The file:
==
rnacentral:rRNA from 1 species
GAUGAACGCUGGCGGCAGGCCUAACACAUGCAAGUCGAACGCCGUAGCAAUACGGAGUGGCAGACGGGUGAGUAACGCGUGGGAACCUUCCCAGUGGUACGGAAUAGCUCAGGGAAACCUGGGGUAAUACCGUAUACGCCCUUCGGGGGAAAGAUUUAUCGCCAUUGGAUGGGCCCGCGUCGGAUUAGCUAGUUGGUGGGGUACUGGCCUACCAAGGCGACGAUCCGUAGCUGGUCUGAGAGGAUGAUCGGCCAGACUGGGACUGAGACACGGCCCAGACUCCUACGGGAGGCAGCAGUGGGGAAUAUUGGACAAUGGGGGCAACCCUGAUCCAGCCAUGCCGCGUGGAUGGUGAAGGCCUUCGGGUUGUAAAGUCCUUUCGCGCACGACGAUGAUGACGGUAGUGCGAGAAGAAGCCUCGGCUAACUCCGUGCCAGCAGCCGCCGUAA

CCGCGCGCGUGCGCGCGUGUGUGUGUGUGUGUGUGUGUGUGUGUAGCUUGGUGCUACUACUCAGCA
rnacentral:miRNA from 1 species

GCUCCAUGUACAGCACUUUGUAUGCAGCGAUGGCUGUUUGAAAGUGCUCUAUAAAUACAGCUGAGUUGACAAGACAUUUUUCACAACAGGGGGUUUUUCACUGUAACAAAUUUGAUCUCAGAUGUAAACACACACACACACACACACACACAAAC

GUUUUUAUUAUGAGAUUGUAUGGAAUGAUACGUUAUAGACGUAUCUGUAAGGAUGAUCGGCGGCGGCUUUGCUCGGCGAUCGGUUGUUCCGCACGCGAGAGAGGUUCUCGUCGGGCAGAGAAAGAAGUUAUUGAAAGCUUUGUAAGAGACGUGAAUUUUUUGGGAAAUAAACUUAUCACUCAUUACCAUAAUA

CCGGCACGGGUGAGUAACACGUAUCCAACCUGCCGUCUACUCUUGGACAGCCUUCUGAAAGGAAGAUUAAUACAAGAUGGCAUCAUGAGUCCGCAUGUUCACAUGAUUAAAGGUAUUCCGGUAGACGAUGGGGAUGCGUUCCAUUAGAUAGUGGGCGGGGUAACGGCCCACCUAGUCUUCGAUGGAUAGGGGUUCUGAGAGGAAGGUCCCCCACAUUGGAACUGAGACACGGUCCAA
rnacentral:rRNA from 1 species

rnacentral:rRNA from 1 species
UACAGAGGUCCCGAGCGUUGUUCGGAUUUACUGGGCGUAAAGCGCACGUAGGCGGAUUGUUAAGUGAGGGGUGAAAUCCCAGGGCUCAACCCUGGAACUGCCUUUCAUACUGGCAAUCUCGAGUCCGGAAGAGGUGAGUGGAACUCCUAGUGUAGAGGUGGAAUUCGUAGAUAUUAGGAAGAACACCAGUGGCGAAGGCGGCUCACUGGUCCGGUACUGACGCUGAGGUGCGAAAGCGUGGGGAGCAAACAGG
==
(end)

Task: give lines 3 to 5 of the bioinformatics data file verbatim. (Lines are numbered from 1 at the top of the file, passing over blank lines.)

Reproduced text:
CCGCGCGCGUGCGCGCGUGUGUGUGUGUGUGUGUGUGUGUGUGUAGCUUGGUGCUACUACUCAGCA
rnacentral:miRNA from 1 species

GCUCCAUGUACAGCACUUUGUAUGCAGCGAUGGCUGUUUGAAAGUGCUCUAUAAAUACAGCUGAGUUGACAAGACAUUUUUCACAACAGGGGGUUUUUCACUGUAACAAAUUUGAUCUCAGAUGUAAACACACACACACACACACACACACAAAC